Hugo Marston must figure out what lies hidden inside an old sailor's chest before a 200-year-old blood promise is revealed and claims another life.
In post-Revolution Paris, an old man signs a letter in blood, then hides it in a secret compartment in a sailor's chest. A messenger arrives to transport the chest and its hidden contents, but then the plague strikes and an untimely death changes history.
Two hundred years later, Hugo Marston is safeguarding an unpredictable but popular senator who is in Paris negotiating a France/U.S. dispute. The talks, held at a country chateau, collapse when the senator accuses someone of breaking into his room. Theft becomes the least of Hugo's concerns when someone discovers a sailor's chest and the secrets hidden within, and decides that the power and money they promise are worth killing for.
But when the darkness of history is unleashed, even the most ruthless and cunning are powerless to control it.
About Mark Pryor
Mark Pryor is the author of the Hugo Marston novels The Bookseller, The Crypt Thief, The Blood Promise, The Button Man, and The Reluctant Matador, as well as the true-crime book As She Lay Sleeping. A native of Hertfordshire, England, he is an assistant district attorney in Austin, Texas, where he lives with his wife and three children.
Praise for The Blood Promise:
“Mark Pryor is one of the smartest new writers on the block. His new novel is a doozy.”
—Philip Kerr, author of A Man Without Breath, a Bernie Gunther novel
"Pryor seems to have hit his stride in this series, as he adroitly juxtaposes the light banter between Marston and Green with some scenes of intense emotion.... And, all the while, the suspense ramps up. Top-notch mystery in a skillfully delineated Parisian setting."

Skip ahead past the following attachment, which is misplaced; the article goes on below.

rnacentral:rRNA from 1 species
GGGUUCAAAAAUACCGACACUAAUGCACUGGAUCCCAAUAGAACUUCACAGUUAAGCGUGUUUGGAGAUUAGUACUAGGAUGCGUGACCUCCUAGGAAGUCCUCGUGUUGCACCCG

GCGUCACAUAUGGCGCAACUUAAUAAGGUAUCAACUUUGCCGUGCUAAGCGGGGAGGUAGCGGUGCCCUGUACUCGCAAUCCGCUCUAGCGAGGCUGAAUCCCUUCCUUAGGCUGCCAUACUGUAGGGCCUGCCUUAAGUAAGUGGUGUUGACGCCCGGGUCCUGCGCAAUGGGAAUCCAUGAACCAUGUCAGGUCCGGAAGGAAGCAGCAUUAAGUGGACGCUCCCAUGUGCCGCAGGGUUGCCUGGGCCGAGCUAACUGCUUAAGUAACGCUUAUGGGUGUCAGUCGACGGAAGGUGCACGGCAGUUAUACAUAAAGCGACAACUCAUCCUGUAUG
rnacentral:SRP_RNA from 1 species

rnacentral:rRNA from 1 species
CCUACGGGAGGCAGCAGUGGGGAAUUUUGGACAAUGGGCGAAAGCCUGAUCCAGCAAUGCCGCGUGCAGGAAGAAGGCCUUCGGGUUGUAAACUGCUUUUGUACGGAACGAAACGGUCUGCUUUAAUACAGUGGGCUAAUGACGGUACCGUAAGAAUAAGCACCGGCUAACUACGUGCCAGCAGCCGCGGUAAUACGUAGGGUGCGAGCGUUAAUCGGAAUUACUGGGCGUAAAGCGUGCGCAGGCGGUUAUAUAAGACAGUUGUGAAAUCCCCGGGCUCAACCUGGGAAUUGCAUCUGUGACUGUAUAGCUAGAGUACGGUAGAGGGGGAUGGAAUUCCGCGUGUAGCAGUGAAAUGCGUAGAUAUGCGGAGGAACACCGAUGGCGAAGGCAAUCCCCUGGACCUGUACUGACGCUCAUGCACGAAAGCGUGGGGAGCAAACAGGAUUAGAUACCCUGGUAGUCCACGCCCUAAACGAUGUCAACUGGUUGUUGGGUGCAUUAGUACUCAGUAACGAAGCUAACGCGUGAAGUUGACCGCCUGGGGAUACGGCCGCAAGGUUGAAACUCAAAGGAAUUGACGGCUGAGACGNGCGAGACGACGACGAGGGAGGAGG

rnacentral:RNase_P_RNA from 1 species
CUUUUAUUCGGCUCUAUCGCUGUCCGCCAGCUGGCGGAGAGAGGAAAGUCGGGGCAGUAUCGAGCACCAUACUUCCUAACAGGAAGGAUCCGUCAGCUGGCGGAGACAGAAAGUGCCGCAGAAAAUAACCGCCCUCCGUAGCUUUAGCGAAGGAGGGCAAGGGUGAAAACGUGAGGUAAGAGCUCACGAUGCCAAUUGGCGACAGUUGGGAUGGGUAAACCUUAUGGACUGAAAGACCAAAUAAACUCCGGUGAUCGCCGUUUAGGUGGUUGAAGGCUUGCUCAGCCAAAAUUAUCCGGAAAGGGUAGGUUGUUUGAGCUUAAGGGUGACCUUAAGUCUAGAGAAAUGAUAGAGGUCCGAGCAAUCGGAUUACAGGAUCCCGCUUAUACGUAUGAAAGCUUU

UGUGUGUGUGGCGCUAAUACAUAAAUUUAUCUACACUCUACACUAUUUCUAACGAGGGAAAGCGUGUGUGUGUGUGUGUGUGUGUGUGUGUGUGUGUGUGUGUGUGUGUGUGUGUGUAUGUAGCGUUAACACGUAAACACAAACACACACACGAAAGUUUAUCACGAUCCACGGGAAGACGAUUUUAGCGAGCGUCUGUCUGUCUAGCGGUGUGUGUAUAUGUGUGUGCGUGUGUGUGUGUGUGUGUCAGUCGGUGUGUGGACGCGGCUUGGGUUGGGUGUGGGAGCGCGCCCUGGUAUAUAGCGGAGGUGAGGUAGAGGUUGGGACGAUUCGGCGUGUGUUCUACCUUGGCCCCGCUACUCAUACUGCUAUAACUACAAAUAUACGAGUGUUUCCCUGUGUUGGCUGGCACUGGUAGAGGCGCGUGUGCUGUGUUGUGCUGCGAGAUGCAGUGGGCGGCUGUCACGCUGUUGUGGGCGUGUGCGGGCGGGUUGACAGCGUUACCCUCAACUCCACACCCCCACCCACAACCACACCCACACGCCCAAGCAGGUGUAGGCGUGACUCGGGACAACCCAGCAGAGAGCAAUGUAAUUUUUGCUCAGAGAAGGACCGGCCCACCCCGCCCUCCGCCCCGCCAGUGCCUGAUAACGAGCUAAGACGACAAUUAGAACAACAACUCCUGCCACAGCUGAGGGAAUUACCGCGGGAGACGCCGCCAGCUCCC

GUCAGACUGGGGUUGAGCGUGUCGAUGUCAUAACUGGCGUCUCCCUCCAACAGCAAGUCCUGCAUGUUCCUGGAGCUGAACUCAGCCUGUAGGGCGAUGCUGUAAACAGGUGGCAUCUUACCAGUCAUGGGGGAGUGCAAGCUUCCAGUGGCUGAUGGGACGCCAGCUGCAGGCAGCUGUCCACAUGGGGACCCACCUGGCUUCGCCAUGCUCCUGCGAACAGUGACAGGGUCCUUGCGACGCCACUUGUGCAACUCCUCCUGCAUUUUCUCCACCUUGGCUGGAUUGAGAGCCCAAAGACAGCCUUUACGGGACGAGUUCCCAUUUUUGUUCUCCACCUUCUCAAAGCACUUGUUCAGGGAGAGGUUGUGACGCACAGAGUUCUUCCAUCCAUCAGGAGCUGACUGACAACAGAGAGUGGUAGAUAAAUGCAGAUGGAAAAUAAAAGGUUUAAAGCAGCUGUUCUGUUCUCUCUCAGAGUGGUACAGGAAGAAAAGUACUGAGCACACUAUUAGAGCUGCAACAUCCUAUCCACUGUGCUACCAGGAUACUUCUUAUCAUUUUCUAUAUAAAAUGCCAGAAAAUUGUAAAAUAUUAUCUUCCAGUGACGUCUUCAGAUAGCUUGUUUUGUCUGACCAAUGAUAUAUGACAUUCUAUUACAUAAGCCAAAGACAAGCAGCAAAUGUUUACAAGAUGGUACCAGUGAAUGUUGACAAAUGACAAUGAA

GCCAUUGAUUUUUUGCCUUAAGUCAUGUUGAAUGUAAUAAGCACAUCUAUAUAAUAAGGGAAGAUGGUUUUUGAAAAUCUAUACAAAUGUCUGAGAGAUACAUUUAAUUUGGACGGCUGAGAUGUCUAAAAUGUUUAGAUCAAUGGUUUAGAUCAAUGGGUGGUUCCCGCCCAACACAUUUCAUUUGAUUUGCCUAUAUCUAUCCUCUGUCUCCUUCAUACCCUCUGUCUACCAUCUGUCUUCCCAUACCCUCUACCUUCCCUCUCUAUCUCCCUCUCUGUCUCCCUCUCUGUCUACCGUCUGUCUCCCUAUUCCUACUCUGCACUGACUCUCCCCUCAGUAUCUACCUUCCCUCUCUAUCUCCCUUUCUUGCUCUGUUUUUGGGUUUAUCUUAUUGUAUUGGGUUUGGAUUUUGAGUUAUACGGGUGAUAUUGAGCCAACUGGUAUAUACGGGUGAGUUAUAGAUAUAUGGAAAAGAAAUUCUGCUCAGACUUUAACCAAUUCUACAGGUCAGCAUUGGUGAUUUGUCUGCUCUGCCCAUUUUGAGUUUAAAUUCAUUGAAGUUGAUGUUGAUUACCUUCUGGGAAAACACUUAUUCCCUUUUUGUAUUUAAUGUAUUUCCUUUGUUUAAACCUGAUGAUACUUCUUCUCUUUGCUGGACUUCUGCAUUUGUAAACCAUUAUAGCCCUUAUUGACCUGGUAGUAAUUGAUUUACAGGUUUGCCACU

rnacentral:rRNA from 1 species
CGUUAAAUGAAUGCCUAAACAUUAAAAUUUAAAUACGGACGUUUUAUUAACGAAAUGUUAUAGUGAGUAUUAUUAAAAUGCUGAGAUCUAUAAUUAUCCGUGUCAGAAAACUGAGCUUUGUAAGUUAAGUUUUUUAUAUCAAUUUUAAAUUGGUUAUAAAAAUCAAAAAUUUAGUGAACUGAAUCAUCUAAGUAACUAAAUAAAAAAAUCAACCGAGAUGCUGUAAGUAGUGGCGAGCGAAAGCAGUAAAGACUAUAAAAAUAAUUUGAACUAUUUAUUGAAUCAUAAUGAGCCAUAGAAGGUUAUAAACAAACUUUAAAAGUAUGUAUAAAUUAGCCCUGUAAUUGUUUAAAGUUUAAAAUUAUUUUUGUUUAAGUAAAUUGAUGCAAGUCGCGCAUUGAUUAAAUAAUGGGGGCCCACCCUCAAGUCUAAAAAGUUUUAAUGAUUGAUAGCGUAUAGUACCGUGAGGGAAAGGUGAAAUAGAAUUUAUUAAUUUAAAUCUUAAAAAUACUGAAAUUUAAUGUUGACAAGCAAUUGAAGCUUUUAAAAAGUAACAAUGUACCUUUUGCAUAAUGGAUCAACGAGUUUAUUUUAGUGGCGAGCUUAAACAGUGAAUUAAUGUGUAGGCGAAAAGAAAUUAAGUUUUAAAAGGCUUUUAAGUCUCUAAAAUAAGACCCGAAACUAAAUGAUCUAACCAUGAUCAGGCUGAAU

Praise for previous Hugo Marston novels:
"[I]n Pryor’s propulsive second novel starring affable former FBI profiler Hugo Marston…. The engaging characters sweep readers into a suspenseful chase from Pigalle to the Pyrenées."
“The Crypt Thief is an eerily good read. Mark Pryor has crafted another chilling, complex, and compelling story. Don’t start it if you need a good night’s sleep!”
—Allison Leotta, author of Speak of the Devil
“A complex puzzle, genuine suspense, and a compelling protagonist—what more can any reader ask for? Oh yeah, a great location: Paris. I’m sold.”
—Michael Robotham, author of Say You’re Sorry
"Pryor's steady and engrossing debut combines Sherlockian puzzle solving with Eric Ambler–like spy intrigue. With a cast of characters you want to know better. . . ."
—Library Journal Starred Review and Debut of the Month!
"A tale of a city that's gritty, utterly real and filled with surprises both horrifying and tender. Much like a baguette, this fabulous story is crusty on the outside, sweet on the inside, and once you've had a bit, you can't wait for more."
"Enough intrigue to satisfy every reader…. A fantastic debut!"
—RT Book Reviews
"The Hugo Marston series now belongs on every espionage fan’s watch list."
About the Guide
A Note from Author Mark Pryor
As you may have guessed from my focus, in The Bookseller and The Crypt Thief, on old books and Paris’s cemeteries, I love history. Not just the happenings of the past, as interesting as they may be, but the way history comes back to either touch us, or in some cases haunt us. It’s a little like when you tell a lie, you have to tell another and another to cover up the first. The lies keep getting bigger until they have consequences of their own. That’s what I began thinking about when writing The Blood Promise. I wondered what a lie would look like when dragged out over several centuries. And then, because I have a tortured (torturing?!) mind, I wondered what things would look like if the lie (what happened to the Dauphin) was told by one person, but became the baggage of another (Senator Charles Lake).
The book actually began quite differently than the one you see now. I’d harnessed the history of Napoleon Bonaparte and tried to weave the story about a document written by him. But history foiled me, and I wrote myself into a complicated mess that I couldn’t untangle - the timelines of Napoleon, the Dauphin, and the other players simply didn’t match up. I guess you could say history messed with me, too.